Surfing on the Desertshore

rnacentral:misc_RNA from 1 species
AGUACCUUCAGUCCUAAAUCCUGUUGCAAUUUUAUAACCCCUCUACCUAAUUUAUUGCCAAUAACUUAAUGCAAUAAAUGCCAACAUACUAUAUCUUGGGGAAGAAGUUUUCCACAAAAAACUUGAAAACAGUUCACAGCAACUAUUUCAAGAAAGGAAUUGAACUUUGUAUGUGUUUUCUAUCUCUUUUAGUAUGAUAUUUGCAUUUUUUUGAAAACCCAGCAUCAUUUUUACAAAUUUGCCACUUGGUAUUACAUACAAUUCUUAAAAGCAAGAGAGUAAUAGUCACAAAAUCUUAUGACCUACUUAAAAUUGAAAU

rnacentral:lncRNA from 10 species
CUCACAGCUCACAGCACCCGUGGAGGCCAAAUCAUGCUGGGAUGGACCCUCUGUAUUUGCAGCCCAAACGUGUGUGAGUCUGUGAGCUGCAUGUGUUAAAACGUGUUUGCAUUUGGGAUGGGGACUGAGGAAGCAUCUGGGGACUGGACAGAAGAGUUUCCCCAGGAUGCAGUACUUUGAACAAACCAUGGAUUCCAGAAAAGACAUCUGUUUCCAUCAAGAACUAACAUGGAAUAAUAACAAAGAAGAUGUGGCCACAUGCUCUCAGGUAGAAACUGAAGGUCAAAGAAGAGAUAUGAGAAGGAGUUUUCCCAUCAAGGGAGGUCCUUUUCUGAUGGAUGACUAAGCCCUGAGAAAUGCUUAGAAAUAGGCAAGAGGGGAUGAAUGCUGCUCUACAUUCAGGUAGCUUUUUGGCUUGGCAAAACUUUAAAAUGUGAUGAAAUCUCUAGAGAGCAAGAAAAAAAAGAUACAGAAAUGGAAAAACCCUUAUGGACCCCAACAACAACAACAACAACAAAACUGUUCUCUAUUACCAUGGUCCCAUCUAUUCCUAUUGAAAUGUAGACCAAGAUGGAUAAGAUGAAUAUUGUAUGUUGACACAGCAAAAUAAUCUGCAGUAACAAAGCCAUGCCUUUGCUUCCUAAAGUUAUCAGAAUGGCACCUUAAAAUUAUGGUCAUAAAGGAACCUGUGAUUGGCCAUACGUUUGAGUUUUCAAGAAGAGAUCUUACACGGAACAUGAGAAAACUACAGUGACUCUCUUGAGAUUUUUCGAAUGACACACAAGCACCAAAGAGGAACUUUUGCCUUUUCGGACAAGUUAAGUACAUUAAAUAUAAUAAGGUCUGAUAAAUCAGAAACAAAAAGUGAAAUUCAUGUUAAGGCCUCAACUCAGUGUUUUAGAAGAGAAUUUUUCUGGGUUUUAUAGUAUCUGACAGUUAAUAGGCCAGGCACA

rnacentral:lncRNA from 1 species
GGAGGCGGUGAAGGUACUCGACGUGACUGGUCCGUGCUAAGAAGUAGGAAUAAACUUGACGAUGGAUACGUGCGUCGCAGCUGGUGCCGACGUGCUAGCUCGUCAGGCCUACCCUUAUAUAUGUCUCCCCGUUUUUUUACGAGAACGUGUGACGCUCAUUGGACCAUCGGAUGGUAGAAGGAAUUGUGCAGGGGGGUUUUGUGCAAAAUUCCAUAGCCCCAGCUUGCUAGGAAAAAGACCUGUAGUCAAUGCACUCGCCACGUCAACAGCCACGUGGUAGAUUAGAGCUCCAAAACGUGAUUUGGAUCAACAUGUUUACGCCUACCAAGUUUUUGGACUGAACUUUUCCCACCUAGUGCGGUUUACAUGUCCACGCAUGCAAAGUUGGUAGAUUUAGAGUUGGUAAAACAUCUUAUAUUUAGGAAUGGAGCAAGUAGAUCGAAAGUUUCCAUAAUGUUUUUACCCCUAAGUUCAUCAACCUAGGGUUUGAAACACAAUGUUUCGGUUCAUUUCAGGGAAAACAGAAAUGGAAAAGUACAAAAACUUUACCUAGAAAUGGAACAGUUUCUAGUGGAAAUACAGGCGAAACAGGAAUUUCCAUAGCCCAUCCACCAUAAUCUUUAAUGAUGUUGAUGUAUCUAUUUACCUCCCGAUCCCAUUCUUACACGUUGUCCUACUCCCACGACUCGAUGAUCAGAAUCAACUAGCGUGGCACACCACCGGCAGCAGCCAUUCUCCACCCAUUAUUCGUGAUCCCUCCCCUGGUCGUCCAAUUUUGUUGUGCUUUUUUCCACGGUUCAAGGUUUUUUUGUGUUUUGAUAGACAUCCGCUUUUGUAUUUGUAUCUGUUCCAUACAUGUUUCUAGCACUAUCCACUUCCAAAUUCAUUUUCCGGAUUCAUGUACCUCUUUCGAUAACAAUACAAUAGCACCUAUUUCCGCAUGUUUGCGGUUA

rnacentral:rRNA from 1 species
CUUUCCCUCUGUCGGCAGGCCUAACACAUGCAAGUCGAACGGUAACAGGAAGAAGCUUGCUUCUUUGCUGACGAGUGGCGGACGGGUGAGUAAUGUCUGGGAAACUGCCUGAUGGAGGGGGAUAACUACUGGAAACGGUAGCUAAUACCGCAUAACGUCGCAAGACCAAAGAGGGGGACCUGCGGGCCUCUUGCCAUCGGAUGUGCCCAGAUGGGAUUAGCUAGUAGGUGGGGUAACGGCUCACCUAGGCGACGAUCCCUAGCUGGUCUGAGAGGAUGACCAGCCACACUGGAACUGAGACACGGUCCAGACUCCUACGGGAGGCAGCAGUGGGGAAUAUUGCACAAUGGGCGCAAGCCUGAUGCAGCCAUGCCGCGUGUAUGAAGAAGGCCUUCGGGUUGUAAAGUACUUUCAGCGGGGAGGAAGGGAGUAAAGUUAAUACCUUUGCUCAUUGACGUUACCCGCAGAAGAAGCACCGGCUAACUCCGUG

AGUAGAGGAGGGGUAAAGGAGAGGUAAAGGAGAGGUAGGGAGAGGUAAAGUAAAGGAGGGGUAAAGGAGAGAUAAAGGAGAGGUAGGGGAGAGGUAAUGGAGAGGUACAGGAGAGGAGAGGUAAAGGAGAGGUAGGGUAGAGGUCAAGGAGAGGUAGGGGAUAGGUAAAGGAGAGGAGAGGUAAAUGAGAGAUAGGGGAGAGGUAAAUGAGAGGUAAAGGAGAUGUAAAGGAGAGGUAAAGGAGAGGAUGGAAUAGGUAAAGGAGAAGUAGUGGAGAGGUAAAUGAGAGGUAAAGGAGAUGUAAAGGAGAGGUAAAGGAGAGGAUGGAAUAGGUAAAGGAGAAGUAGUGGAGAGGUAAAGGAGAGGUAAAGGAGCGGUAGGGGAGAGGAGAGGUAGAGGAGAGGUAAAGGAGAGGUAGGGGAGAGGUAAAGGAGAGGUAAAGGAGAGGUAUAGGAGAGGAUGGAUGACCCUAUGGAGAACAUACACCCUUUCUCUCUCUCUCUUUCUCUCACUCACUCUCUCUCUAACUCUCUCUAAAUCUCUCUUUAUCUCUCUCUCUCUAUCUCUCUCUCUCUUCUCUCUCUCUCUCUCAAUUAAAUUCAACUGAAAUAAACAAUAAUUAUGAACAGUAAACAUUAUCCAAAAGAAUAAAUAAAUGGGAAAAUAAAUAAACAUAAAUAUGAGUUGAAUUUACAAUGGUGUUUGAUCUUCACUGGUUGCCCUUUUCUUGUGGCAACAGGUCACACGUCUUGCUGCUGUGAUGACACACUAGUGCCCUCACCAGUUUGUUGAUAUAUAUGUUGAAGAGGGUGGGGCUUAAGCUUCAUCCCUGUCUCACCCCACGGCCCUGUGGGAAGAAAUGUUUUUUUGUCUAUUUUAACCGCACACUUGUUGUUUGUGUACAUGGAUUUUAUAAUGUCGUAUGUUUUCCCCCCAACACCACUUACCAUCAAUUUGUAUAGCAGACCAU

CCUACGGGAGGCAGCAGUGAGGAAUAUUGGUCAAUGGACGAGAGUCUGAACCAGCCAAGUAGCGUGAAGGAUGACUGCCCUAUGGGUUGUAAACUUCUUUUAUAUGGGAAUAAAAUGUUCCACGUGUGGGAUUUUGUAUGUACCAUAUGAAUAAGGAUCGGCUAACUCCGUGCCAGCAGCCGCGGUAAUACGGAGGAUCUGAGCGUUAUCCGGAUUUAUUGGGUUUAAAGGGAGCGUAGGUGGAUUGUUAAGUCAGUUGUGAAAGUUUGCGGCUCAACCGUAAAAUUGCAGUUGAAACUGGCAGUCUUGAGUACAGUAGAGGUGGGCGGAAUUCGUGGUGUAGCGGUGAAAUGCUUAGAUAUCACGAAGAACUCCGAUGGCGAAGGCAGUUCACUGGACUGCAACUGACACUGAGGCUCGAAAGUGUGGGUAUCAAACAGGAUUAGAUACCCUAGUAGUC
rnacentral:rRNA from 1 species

'Making the simple complicated is commonplace; making the complicated simple, Awesomely simple, that's creative.' (Charles Mingus) Since it's inception in only a year's time, this post-power trio has been drawing musical shapes beyond it's limits. It is a solo creation of Carlos Nishimiya, a superb guitar player, and occasionally multi-instrumentalist that played a main role in many notable underground bands during the 80's and 90's. Notwithstanding being a cult figure in the music circle, never received the right plaudits from the mainstream press. In this case, let's say, Underrated with capital U. His playing and songwriting has a profound affinity with the folk-rock heritage (Richard Thompson, Jim McGuinn, Mike Heron), some flirting with the laureate heavyweights and it's respective aces (Free, The Who, Led Zeppelin), an obscure charm extracted from a Progressive vein (Justin Hayward, Anthony Philipps, Peter Banks), a nod to a more contemporary visionaries (Nick Saloman, Kevin Shields) and an evident influence of the twin-guitar school of The Blossom Toes and, mainly, Wishbone Ash. Having in mind such an eclectic and superbly well informed background, the least expectancy was an ordinary sound, and to challenge even himself he chose the conceit of surf-music for his new adventurous turning point. Therefore, adding two good musicians in the mix, Mauricio Guedesson (bass) and JC Goes Rock (drums), the master disappeared into a new musical continent for him. Using, des-using and de-constructing the surf-music backdrop, they've reached a uniqueness that owes more to their Very own mysteries than any other flux of influences. And that's their Beauty. An uncategorisable One! Mixing orthodox structures (i.e. within the surf tapestry) with popsters delicacies, fuzzy diatribes, psych imagery, and jangly-and-folkster (re) inventions, the debut works as an orgy of climaxes. Exploring also the terrain of sunshine-pop, and even (re)creating an orch-pop ambience, obviously without an orchestra, all album tracks were done with a prowess and dexterity hardly matched by contemporaries who, consciously, attempt to do so. In a solid attempt to widen the surf palette, Nishimiya, sophisticatedly, adds subtle elements of folk (on the fluttering guitar harmonies), progressive (around certain time signatures), and a general cinematic sci-fi tone brushes all over the canvas. The highlights, oh well, the truth is there is no highlights. It would be very unfair to pick two or to three tracks to demonstrate their superlative oeuvre. Consequently, a track by track would give us a better overview. In alphabetical musical order, to be more precise. "Surf To The Moons Of Saturn" provides a filmic Morriconesque tone fused in an Eastern atmosphere, where the dialogues between bass and guitars surf in sui generis crescendos able to avoid even the cutting edge of the cliché. "Freakin' Out Surfin' In" is an arresting hard-surf-ballad with a wholly convincing slice of psychedelia; somewhere between a Moby Grape in a caustic stance and a Bevis Frond in it's delirious pathways. "Flowing Through The Purple Sea", behind it's Who-esque chords, uses a circular Shadows vibe incensing the song in an odd loungy ambience. "Roswell" brings a caterwauling mélange of a sturdy drumming rhythm decorated by the spree of a surprisingly whistling-noise-popster guitar. Mind, this is the first time a Brit Class Of '86 pattern merges in a surf show and, to make the show still more unconventional, there's a weeping feedback in the middle of the theme. "Falling Into The Heart Of The Sun", a hypnotic song full of unexpected nuances! It shows a sense of urgency, and an uneasy rhythmic structure, where Nishimiya's rifferama flies in a sharp and swirling mood. "Quasimoto" appears uncannily like an abstract painting; a canvas made of sci-fi and human flesh moulded in a riff that Andy Powell forgot to write when recording "Argus". Probably the most emotional piece of the album; probably the most touching tremolo sound heard in recent years. "Questionable Navigation" arrives soft-and-furiously as a flush of a moon-drenched view; spumes of punchy bass lines, crunching and fluttering guitars, and a full late night atmosphere. Can you imagine Steve Hillage shouting glissandos in an unreleased Nirvana song? "Nobody's Fault" has an eerie darkish intro which grows into an original time signature, and culminates into a peculiar surf-flamenco pastiche. "Levitation" contains a psych-laden wave that it is externally hypnotic and inside collects guitar riffs that saunter through the surf gallery of the 50's till the apocalyptic visions of what can be made of that style nowadays. The wobbly melody line walks along the most sophisticated arrangements of drums and bass of the whole album. "View From The Plateau", the longest track on the record, is another guitar odyssey, going from adventures in feedback to psychedelic swirling in a catchy, and simultaneously quirk structure. "Overdrive Over Time" offers a psych-garagey feel intersected by layers of demented guitar effects. It is an ideal Fuzz-tonic Electrictrip that summarises the eclectic attractiveness of the album, and leaves you urging for more of this so easy, magical uneasiness. Overall, Delica's debut has a freewheeling quality; whimsical in it's character, simple in it's relaxed effects. A minor masterpiece! Words by Fernando Naporano.